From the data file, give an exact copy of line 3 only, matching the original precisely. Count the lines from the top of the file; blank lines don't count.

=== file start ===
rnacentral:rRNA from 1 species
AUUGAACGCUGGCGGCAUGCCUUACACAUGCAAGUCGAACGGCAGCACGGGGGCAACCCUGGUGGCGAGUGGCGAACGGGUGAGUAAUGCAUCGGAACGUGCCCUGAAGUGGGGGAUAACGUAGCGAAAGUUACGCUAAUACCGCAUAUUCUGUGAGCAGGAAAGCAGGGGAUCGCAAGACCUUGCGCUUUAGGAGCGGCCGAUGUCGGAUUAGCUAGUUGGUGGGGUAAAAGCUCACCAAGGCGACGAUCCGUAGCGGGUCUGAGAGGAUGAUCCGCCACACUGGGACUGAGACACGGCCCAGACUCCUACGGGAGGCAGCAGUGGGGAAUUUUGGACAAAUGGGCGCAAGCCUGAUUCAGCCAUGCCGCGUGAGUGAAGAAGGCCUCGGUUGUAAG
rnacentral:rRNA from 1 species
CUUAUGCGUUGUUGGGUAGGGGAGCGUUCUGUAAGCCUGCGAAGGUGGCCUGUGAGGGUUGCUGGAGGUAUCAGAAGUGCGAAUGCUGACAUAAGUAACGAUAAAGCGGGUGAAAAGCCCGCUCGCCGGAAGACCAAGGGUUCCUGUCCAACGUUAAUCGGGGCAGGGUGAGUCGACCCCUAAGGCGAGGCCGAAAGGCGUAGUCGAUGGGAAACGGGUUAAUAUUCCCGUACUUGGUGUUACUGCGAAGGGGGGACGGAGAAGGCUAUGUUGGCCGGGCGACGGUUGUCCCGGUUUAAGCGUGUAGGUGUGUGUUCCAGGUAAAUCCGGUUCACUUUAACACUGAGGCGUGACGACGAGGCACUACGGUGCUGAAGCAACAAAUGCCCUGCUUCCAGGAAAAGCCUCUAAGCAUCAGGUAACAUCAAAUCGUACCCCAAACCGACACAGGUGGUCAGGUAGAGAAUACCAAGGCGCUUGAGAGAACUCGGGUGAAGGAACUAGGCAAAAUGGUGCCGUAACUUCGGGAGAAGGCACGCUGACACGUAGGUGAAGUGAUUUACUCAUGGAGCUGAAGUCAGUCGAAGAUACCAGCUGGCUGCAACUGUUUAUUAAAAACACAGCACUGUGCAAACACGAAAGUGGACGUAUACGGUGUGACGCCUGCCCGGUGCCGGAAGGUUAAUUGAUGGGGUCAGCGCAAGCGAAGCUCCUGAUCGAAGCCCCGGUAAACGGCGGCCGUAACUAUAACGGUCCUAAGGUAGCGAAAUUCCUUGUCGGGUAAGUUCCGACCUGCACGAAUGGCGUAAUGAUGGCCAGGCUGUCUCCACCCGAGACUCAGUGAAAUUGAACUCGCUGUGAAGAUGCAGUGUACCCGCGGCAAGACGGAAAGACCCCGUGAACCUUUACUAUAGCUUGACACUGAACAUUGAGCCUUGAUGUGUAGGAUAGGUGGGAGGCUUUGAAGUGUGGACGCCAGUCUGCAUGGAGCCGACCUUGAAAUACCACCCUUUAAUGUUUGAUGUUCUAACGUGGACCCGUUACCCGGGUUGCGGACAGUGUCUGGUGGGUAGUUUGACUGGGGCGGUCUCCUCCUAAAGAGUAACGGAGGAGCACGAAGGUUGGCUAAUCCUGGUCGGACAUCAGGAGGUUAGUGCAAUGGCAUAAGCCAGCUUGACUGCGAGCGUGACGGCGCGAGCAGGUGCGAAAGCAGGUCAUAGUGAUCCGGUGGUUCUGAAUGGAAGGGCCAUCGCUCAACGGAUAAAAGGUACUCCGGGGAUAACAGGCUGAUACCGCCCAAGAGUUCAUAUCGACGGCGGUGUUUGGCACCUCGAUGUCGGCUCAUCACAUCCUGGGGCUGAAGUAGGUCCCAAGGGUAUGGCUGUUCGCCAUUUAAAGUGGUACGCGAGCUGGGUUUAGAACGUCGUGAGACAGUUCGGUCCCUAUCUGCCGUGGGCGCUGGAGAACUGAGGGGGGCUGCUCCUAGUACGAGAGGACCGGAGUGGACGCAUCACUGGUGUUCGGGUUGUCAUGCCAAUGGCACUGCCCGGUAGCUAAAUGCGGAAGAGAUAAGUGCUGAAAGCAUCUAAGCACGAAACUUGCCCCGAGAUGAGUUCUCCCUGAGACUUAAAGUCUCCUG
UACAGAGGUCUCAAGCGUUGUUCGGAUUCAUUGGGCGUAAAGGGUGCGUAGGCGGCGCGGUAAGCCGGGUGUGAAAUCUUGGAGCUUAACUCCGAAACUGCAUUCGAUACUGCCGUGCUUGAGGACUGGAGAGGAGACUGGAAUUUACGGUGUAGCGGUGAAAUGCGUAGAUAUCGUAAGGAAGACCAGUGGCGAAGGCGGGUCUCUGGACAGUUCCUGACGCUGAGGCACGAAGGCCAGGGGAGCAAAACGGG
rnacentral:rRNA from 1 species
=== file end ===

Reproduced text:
rnacentral:rRNA from 1 species